Today, we turn our eyes back in time, to the Mace family soon after they set up their Homestead. The Maces had a natural gift for hospitality which would shape their future, and the lives of many they encountered.
In those times, traveling was not easy or quick. Although the Baldpate property was located in the remote mountains of Colorado, the Maces were not destined to be lonely or have much "goof off" time! A stream of hikers and travelers passed by on the road, and the Maces provided lodging and meals to folks so often that it inspired the construction of several “tourist cabins.”
Ethel Mace described the decision this way, “We decided to build a hotel or inn because it seemed that the guests might prefer to be able to eat and sleep here without having to worry about supplies. It was kind of funny because neither of us knew anything about hotels. I had been in one once and Gordon had about three or four times. We bumbled along though, and when we had finished, there were more guests than we could accommodate.”
The Mace family utilized their considerable talents and applied them to the surrounding natural resources to create the cabins and eventually the main lodge, building them by hand from hand-hewed timber cut from the property.
Over the years four guest cabins were constructed and remain popular guest destinations to this day. While so far, we have not found accurate building records, we’ve pieced together the most likely development in our Seven Keys Armchair Tour.
|Twin Sisters Cabin|
Just to the west of the Homestead, our Twin Sisters cabin is believed to be one of the first “Tourist Cabins” built. As you may detect from the framing of “twin” doors on its front porch, this cabin was originally a duplex cabin, each with one small bedroom and bath.
Twin Sisters cabin was updated by the Smith family in 2002, while Jen and her husband Pete were working at the inn. Pete jumped right into our family’s do-it-yourself methods, never shying from the challenge. Twin Sisters is now an updated delightful four person cabin, with a cozy gas fireplace, luxury bathroom with “twin” headed shower.
East of the Homestead is our Pinetop cabin, which we believe predates the Baldpate main lodge as well. It was originally a two bedroom cabin that was renovated in the 1990s. Nestled in the pine and aspen forest, Pinetop is now the perfect sweetheart getaway with its queen canopy bed, sitting area with gas fireplace, whirlpool tub for two, and a delightful outdoor porch with rustic railing.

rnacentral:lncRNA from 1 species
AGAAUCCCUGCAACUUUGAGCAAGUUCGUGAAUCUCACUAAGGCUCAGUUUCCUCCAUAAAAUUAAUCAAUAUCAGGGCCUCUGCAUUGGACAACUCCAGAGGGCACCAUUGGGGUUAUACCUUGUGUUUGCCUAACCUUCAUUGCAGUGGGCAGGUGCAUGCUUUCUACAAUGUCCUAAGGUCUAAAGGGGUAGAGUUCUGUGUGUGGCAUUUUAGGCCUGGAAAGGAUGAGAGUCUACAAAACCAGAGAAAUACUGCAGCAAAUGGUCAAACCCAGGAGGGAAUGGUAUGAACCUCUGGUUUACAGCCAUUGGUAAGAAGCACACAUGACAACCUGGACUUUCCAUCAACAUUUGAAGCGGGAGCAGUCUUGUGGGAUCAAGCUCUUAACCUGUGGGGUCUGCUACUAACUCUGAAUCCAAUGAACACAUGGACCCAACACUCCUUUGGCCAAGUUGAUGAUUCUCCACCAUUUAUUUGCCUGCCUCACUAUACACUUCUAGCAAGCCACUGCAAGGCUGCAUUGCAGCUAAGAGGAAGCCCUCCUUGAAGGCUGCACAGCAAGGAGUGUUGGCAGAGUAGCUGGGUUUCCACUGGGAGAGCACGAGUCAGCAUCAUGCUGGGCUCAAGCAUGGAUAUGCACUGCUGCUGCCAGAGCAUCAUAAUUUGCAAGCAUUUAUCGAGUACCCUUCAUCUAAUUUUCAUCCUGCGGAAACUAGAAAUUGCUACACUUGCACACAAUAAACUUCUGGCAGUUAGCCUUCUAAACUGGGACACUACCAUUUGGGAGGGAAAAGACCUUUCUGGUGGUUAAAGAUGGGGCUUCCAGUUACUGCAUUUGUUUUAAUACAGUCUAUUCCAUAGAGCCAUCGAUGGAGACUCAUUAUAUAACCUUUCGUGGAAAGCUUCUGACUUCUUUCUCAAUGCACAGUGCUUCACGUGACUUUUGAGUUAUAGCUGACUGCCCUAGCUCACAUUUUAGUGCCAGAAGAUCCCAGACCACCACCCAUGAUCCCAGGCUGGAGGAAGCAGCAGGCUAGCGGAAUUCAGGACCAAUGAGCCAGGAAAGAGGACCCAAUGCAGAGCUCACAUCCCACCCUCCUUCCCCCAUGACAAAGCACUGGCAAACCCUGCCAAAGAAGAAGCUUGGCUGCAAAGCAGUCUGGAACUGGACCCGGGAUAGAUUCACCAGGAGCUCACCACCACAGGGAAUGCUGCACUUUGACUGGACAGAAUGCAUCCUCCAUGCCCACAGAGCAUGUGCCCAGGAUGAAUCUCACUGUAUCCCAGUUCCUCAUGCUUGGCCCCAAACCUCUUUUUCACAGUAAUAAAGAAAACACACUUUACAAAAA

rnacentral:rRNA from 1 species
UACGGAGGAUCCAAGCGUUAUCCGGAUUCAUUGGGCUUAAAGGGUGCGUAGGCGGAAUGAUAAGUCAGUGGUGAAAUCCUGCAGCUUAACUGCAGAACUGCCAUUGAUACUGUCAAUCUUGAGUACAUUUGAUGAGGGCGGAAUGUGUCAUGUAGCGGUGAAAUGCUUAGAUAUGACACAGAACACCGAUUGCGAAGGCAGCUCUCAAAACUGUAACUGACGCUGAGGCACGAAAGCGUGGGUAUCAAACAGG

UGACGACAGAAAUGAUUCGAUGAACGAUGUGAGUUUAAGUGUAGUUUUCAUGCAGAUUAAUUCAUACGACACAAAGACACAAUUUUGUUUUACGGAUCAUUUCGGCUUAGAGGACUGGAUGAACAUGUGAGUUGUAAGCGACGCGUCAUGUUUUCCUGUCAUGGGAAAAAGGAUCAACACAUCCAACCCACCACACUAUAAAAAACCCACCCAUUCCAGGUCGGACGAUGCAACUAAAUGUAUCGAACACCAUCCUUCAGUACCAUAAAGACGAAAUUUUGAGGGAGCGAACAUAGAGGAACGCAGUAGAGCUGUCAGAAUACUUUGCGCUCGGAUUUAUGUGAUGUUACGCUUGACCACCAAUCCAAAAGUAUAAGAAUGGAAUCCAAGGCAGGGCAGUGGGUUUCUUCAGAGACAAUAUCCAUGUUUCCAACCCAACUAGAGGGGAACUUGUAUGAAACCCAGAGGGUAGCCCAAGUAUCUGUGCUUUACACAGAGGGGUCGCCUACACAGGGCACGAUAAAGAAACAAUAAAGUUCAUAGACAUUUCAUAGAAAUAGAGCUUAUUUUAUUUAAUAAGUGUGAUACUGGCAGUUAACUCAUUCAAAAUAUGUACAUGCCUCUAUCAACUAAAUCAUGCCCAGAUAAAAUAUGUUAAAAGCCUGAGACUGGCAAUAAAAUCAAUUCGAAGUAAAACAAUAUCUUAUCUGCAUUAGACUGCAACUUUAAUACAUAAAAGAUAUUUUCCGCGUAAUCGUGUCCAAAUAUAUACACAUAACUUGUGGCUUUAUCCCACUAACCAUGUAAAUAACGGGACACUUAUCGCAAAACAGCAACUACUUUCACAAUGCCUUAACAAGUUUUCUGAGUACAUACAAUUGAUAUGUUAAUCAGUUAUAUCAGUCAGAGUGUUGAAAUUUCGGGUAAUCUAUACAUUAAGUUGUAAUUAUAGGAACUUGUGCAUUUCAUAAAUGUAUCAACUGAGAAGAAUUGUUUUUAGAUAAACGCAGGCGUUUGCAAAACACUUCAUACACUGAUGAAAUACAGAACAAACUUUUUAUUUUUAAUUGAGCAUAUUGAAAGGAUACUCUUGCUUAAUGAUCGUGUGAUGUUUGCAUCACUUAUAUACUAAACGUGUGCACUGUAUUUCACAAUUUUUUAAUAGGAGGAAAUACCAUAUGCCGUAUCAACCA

Our Wrangler cabin was initially our most primitive cabin structure with just a stone fireplace for heating and a partial dirt floor. We are guessing it was originally the living quarters of the Baldpate Stables horsemen.
One of the most colorful characters involved at the stables was Chuck Malone. His name is carved in the wooden mantle above the fireplace, along with what could be the Baldpate brand. Tune in for a future post to learn more about the Baldpate Stables!
In the 1980s, our Wrangler was also the home of the Baldpate Metro District’s handyman, Paul and his two dogs, Brown Dog and Black Dog. Paul always had a story to share and checked in daily to see if there was leftover pie that needed to be eaten (most often with a generous helping of ice cream).
The Wrangler cabin was renovated by the Smiths in 1995. It is now a delightful two bedroom cabin with original antique tub and native stone wood burning fireplace.
|Vally View Cabin|
Since the roof of our Valley View cabin is visible in some of our earliest photos we think it was constructed shortly after the main lodge, around 1921. Charles Mace used it as a home before his Tikitiboo homestead was built near the top of our driveway.
Valley View was also known as “the Mitchell Cabin,” derived from a family who rented it each summer for a number of years. In the 1990s, this cabin was the favorite of actor John Ritter, of Three’s Company fame, where he stayed with his family each summer at Baldpate.
Our Valley View cabin was the first big renovation project for the Smith family in 1989. Updated heating was added to create our delightful three bedroom cabin. Still, history shines in the original unique red stone fireplace and seriously long skis used now as only as wall decoration.
So, when you are ready to "goof off," which cabin will be your favorite?
Written by Liz Rodgers & Lois Smith
Sources: Baldpate Seven Keys Armchair Tour & Baldpate Archives